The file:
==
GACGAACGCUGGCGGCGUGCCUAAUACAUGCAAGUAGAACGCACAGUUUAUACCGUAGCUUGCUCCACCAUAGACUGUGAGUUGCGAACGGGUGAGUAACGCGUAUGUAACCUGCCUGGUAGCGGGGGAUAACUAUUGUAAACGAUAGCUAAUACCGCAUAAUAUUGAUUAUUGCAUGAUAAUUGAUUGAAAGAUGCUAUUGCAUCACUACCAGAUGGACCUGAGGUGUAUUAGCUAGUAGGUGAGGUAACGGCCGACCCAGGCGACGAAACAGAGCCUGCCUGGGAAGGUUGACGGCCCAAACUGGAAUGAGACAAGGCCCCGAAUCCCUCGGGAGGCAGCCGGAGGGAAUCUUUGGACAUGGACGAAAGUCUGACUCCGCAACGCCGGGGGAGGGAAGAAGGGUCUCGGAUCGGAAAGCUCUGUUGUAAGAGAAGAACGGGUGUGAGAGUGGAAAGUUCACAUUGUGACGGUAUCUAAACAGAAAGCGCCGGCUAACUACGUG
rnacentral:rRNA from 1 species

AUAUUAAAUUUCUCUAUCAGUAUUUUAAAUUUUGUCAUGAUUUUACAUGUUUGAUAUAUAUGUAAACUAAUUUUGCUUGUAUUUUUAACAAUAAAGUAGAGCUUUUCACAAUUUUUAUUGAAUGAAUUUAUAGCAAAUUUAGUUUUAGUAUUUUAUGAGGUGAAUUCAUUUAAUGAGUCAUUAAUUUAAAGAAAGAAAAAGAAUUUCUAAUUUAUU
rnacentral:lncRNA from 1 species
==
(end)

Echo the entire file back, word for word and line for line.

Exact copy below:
GACGAACGCUGGCGGCGUGCCUAAUACAUGCAAGUAGAACGCACAGUUUAUACCGUAGCUUGCUCCACCAUAGACUGUGAGUUGCGAACGGGUGAGUAACGCGUAUGUAACCUGCCUGGUAGCGGGGGAUAACUAUUGUAAACGAUAGCUAAUACCGCAUAAUAUUGAUUAUUGCAUGAUAAUUGAUUGAAAGAUGCUAUUGCAUCACUACCAGAUGGACCUGAGGUGUAUUAGCUAGUAGGUGAGGUAACGGCCGACCCAGGCGACGAAACAGAGCCUGCCUGGGAAGGUUGACGGCCCAAACUGGAAUGAGACAAGGCCCCGAAUCCCUCGGGAGGCAGCCGGAGGGAAUCUUUGGACAUGGACGAAAGUCUGACUCCGCAACGCCGGGGGAGGGAAGAAGGGUCUCGGAUCGGAAAGCUCUGUUGUAAGAGAAGAACGGGUGUGAGAGUGGAAAGUUCACAUUGUGACGGUAUCUAAACAGAAAGCGCCGGCUAACUACGUG
rnacentral:rRNA from 1 species

AUAUUAAAUUUCUCUAUCAGUAUUUUAAAUUUUGUCAUGAUUUUACAUGUUUGAUAUAUAUGUAAACUAAUUUUGCUUGUAUUUUUAACAAUAAAGUAGAGCUUUUCACAAUUUUUAUUGAAUGAAUUUAUAGCAAAUUUAGUUUUAGUAUUUUAUGAGGUGAAUUCAUUUAAUGAGUCAUUAAUUUAAAGAAAGAAAAAGAAUUUCUAAUUUAUU
rnacentral:lncRNA from 1 species